Thursday, September 30, 2010

Freedom-info flows from different streams

Congratulations to Thomas McAdam, who covers the shenanigans at Metro Louisville's City Hall for the Louisville Examiner.

McAdam, an attorney and great writer who obviously enjoys his new perch, has just published his 1,000th article for the Examiner. His articles get right to the point, and he's not afraid of offending the sensibilities of corrupt and criminal politicians and bureaucrats. Plus, it's solid, accurate information.

In his latest article, McAdam notes the decline of the "old" media and the dramatic shift in the way in which Kentuckians get their news.

"Electronic news delivery, free and instantaneous, is clearly the wave of the future," McAdam writes.

He also notes the decline of Kentucky's largest newspaper, the Courier-Journal:

"As the paper’s death-rattle becomes more audible, the home edition grows increasingly thinner. Pretty soon, there won’t be enough paper in the C-J to wrap a dead fish, or to line the bottom of a birdcage. We used to joke that 'Today’s news is tomorrow’s garbage; and the Courier-Journal has speeded up the process by 24 hours.' Guess that's not so funny anymore."


By contrast, the Examiner is the fastest-growing news source in the country. It publishes in 238 individual cities, each of which has their own Web editions.

Helping Kentuckians recapture their freedom is the Bluegrass Institute's mission. But that takes informed patriots. And we can all be grateful for the work that McAdam and other online "informants" do.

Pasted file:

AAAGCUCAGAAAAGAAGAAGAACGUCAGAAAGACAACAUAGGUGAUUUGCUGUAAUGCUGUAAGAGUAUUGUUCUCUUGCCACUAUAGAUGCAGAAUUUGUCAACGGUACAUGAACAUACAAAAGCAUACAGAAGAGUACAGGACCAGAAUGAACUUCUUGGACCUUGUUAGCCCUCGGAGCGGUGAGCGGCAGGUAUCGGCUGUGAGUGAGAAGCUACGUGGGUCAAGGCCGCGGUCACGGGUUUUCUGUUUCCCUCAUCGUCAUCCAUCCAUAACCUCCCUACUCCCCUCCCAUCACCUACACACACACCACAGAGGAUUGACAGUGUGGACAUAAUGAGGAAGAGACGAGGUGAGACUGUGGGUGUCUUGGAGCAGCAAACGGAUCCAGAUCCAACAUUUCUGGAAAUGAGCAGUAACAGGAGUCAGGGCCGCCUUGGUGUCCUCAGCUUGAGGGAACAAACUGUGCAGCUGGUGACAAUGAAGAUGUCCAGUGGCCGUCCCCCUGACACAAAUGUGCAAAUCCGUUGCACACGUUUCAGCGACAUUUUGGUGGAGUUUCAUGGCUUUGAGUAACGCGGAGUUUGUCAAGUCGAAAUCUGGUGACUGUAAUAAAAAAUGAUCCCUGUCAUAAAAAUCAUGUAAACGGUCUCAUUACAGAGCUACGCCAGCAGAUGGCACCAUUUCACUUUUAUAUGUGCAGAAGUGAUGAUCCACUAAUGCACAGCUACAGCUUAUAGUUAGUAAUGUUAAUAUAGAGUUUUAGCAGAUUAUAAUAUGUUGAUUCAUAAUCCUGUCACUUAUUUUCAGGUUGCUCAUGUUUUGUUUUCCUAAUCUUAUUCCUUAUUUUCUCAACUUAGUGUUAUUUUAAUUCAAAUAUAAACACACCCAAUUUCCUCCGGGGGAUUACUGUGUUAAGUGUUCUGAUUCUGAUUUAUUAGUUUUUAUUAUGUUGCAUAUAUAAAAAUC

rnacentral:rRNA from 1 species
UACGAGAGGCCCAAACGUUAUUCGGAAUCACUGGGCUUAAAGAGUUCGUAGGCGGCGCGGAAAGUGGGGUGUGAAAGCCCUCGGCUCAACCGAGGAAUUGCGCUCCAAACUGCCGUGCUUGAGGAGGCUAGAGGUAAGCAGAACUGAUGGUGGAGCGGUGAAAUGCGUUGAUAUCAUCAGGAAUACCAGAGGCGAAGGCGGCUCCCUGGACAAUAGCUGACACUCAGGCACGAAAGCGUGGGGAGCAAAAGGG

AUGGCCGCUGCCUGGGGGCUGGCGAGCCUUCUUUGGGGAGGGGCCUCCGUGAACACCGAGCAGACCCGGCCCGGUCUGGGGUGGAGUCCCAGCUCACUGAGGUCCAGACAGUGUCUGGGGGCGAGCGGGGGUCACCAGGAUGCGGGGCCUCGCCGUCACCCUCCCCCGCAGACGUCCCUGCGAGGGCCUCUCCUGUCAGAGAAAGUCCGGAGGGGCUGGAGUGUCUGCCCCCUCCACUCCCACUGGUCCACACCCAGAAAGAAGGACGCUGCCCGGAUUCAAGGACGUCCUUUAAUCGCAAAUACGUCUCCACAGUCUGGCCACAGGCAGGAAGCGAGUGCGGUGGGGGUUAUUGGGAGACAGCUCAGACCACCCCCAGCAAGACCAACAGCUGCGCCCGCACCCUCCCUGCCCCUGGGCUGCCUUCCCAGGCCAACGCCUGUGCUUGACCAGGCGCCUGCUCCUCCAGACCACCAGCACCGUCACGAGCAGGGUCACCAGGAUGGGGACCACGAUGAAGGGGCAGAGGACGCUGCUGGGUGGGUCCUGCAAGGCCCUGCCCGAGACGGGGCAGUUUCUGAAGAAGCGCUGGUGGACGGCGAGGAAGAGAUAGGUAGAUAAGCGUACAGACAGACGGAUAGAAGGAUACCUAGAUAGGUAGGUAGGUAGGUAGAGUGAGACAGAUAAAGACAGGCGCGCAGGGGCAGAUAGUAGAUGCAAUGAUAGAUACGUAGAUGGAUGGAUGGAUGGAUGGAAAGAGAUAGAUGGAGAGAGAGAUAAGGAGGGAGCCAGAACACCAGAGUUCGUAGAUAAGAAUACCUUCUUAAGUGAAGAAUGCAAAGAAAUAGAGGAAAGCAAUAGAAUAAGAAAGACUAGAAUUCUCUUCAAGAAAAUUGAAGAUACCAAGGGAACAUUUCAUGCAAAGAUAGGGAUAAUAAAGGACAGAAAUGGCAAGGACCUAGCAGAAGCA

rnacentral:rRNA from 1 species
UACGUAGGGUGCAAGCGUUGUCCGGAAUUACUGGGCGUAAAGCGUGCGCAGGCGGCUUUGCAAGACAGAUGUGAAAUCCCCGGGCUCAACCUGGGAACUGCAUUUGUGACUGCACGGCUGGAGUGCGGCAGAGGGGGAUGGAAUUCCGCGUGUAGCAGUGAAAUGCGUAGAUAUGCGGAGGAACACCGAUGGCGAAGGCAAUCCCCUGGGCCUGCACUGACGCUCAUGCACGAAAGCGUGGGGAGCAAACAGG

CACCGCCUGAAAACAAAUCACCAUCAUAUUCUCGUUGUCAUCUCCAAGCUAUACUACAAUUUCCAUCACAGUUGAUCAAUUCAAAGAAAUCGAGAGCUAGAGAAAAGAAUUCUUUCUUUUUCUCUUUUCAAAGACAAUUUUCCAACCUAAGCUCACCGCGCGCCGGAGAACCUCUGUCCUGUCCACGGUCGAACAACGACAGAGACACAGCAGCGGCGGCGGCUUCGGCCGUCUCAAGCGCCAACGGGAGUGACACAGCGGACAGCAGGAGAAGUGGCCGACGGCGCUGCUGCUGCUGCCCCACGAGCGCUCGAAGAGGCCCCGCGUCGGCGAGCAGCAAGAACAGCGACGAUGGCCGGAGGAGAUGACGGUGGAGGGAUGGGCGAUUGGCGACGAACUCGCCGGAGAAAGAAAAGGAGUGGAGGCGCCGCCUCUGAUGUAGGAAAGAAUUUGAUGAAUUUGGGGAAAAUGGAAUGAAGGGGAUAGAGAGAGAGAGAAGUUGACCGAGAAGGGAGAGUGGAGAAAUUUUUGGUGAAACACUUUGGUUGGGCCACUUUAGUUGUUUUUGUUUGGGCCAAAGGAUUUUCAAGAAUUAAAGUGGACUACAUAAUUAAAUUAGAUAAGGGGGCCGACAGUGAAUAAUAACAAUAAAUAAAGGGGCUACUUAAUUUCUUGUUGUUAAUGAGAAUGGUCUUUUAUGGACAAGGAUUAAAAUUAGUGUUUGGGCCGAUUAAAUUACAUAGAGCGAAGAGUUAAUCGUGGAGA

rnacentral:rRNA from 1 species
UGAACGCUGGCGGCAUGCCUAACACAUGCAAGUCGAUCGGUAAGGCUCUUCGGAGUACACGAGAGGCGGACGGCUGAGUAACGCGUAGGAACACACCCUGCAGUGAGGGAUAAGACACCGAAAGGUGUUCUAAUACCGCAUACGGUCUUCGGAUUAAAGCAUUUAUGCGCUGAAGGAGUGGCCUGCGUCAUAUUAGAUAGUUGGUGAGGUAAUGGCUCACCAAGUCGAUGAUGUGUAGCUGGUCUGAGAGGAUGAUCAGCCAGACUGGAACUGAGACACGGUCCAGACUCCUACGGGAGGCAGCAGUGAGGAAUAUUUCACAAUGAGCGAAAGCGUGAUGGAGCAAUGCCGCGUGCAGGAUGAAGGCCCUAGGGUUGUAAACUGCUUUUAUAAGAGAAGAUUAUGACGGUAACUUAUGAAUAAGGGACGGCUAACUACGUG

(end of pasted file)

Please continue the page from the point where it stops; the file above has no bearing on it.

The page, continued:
3 comments:

slol1 said...

Traditional media gave up their objectivity and became political puppets. Too bad. The new media can link right to sources which adds another check/balance on credibility. We have news overload. Keep it to the point.

Anonymous said...

RE: slol1's Comments

I think it is more like the traditional media fell into the trap of "Advocacy Journalism."


Newspaper types decided that instead of reporting the news so citizens could make informed decisions, those newspaper types had the right to control the news so citizens' opinions would be those shaped by the papers.

Problem was, along came the Internet, and citizens who could read found out the newspapers were trying to play a fast one.

Another factor is the schools got into the act by not teaching many students to read well.

End Result: massive drop in newspaper readers.

Liberty General said...

That's right. The Internet's the greatest tool for freedom ever created. It's one reason why there are those in government who would seize on the opportunity to restrict our freedom of speech by restricting Internet usage.